Looking backward, not forward, in space and time, my hope is that plasma physics will offer insights into how stars, galaxies and galaxy clusters first formed.

According to the standard cosmological model, plasma was pervasive in the early Universe; then everything began to cool, and charged electrons and protons bound together to make electrically neutral hydrogen atoms.

This state lasted until the first stars and black holes formed and began emitting radiation, at which point the Universe ‘reionised’ and returned to a mostly plasma state.

Finally, plasmas help to explain some of the most spectacular phenomena we’ve observed in the remotest regions of the cosmos. Take far-away black holes, massive objects so dense that even light can’t escape them. They’re practically invisible to direct observation.

However, black holes are typically encircled by a rotating disk of plasma matter, which orbits within the black hole’s gravitational pull, and emits high-energy photons that can be observed in the X-ray spectrum, revealing something about this extreme environment.

It’s been an exciting journey for me since the days I thought that solids, liquids and gases were the only kinds of matter that mattered. Plasmas still seem rather exotic, but as we learn to exploit their potential, and widen our view of the cosmos, one day they might seem as normal to us as ice and water.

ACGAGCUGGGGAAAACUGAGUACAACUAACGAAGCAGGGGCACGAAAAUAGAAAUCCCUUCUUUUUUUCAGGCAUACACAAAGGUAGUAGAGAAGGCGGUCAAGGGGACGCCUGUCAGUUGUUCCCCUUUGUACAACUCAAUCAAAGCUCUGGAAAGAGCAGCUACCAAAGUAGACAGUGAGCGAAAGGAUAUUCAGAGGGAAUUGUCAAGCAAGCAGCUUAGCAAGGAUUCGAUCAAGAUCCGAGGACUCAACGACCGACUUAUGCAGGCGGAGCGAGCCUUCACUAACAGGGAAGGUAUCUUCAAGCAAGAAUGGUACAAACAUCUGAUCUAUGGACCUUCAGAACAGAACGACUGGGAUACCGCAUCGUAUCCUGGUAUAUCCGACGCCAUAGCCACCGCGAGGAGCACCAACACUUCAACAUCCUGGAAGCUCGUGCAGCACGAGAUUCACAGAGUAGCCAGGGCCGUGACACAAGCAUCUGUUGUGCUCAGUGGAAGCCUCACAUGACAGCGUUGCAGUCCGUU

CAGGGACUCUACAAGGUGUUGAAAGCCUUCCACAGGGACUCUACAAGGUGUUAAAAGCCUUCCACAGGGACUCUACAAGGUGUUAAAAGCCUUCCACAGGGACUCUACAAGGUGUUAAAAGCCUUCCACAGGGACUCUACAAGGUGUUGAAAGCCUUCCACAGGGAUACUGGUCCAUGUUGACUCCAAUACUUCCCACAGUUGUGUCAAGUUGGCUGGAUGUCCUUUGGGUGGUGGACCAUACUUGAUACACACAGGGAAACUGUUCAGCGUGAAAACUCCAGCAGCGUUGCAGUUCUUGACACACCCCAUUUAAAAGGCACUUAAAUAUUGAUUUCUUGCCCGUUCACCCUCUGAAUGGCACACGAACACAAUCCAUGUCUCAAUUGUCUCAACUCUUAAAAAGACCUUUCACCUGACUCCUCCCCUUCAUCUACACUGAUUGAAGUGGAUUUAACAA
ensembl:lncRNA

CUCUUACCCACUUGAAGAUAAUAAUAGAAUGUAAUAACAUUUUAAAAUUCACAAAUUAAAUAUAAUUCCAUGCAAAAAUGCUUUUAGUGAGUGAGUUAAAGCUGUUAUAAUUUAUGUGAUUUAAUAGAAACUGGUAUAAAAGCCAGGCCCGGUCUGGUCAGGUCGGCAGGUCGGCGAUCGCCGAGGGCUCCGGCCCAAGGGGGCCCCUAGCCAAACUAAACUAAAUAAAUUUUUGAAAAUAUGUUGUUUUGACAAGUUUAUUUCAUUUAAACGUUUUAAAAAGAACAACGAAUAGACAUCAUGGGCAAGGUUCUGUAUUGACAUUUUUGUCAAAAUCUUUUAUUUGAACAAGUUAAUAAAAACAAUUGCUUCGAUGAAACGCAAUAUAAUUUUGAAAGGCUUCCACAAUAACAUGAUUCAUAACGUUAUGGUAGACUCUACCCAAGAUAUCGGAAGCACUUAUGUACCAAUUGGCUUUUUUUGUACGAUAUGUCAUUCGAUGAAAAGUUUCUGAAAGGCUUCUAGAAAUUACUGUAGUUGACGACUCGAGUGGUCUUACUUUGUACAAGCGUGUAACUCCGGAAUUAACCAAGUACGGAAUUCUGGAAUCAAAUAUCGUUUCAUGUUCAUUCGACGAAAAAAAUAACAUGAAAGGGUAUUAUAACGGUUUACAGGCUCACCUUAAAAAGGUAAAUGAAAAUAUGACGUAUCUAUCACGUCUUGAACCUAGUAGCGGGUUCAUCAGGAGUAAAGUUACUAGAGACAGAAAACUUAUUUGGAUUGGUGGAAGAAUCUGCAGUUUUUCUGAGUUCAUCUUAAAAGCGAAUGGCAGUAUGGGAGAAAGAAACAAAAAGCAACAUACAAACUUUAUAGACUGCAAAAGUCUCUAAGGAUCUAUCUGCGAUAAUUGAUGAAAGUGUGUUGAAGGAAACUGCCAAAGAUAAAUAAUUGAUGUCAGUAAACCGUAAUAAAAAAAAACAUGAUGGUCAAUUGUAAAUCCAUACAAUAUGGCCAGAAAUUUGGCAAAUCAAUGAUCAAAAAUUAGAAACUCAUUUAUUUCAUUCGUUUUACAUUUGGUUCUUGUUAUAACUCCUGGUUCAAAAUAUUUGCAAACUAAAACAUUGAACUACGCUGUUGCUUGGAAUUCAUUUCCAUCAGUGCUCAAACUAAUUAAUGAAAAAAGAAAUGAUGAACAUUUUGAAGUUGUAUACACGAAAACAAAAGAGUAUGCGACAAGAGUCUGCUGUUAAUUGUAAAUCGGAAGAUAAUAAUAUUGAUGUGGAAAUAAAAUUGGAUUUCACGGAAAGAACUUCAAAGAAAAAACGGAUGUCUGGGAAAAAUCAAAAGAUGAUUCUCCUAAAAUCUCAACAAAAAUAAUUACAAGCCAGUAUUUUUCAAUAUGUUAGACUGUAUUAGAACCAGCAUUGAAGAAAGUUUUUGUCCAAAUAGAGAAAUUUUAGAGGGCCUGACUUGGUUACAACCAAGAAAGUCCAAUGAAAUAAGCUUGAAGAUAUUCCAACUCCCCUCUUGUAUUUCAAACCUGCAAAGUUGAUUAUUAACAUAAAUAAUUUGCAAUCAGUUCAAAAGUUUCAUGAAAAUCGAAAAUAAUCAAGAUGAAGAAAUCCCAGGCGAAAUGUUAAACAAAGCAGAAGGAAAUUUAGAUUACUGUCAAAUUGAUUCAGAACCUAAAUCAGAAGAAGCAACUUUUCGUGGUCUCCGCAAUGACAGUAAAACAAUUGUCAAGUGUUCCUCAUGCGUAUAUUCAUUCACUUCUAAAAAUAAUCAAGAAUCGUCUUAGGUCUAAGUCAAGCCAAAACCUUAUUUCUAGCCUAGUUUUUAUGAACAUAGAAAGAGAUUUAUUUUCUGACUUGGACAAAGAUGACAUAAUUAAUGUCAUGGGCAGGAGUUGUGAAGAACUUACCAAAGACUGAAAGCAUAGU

And if we ever achieve controlled nuclear fusion, plasmas might be something we can no longer live without.

This article was originally published at Aeon and has been republished under Creative Commons.

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Science & Technology

Dark secrets of DNA. Scientists talk about dangerous types of marriage

Scientists sequenced the genome of a man buried in a Stone Age tomb at Newgrange in Ireland and found that he was born as a result of incest. Marriages between close relatives were almost always prohibited due to the threat of degeneration. However, there is a risk of accidental incest. How dangerous it is from the point of view of genetics?

Power sealed in blood

For biological and cultural reasons, incest has been taboo since ancient times. They violated the ban in exceptional cases for the sake of strengthening power. Probably, the discovery of Irish scientists in Newgrange is connected with this – with the formation of the ruling elite in prehistoric society.

Dynastic marriages between relatives and cousins ​​were concluded in Ancient Egypt, the Inca empire, in the royal families of the Hawaiian archipelago. It once symbolized the purity of blood.
The majority of Iceland’s 360,000 inhabitants are descendants of several Viking groups who settled on the island in the 9th century.

The population is genetically very homogeneous. A few years ago, local company deCode Genetics even released an app based on a DNA test database to prevent young people from accidentally marrying a close relative.

DNA rushes to the rescue

Computer programs have been developed that compare a set of certain regions of the genome and determine the degree of relationship. Genealogical research is generally very popular now. People do DNA tests, upload the results to public databases such as Ancestry and Gedmach, and find relatives. First of all, those who do not know their origin: raised in orphanages, adopted.